Monday, February 17, 2003
Music Notes

Just a few quick comments (i.e., no links, at least not right now) about some CDs I've been listening to recently....

Johnny Cash: "American IV: The Man Comes Around". Some great stuff mixed with some not so great. I could've done without the covers of "Bridge Over Troubled Water", "The First Time Ever I Saw Your Face", and "Desperado", but the rest of the tunes -- some Cash originals, some covers, and some traditional -- are winners. Particularly striking are "I Hung My Head" (by Sting -- I'd never heard of it previously, though, which is probably more a reflection of how out of it I am), "Hurt" (Nine Inch Nails), and "Personal Jesus" (Depeche Mode -- the arrangement is totally a winner). The title track (by Cash) is full of biblical allusions and images and sets the tone for the entire album. The closing pair of a tear inducing rendition of "Streets of Laredo" followed by Cash's cover of Vera Lynn's "We'll Meet Again" (which more living people probably know as the music accompanying images of nuclear blasts in Dr. Strangelove than by its WWII off-go-the-boys-to-war origins) is focused on the certainty of death. (In fact, death and loss permeates the collection of songs. Also on the record are "Danny Boy" and "I'm So Lonesome I Could Cry".)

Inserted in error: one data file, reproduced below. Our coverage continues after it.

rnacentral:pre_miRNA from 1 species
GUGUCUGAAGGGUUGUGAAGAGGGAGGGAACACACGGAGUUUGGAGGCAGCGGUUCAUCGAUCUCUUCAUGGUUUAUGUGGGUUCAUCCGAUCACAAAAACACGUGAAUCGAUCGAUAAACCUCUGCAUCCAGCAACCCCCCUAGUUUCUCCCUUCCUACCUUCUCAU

Phish's new record "Round Room" is a good listen, if you like that sort of thing. It captures the group's improvisational approach about as well as anything I've heard come out of a studio. You know from the first few bars of the opening tune, "Pebbles and Marbles", that this is a Phish record. From its chamber-music sized opening to its extended jam in which all the players are equal, that tune represents the approach of much of the rest of the album. Trey Anastasio's singing has new clarity and focus and timing. It sounds like the hiatus has been good to the boys from Burlington, Vermont.

Lastly, Robert Randolph and the Family Band, "Live at the Wetlands." Wow, what a performance. Randolph plays pedal steel like no one else that I know of. He gets all kinds of weird sounds out of it. I happened to catch part of a performance of this group on Austin City Limits not too long ago, and it was one of those, "Hey, com'ere. You have got to see this," moments. The band had the audience on their feet, stomping and dancing and shouting. This is definitely shitkicking music. It makes you want to hoot and holler and jump around. My brother said, "If you play it while driving, all of a sudden, you're going, like, a hundred miles an hour."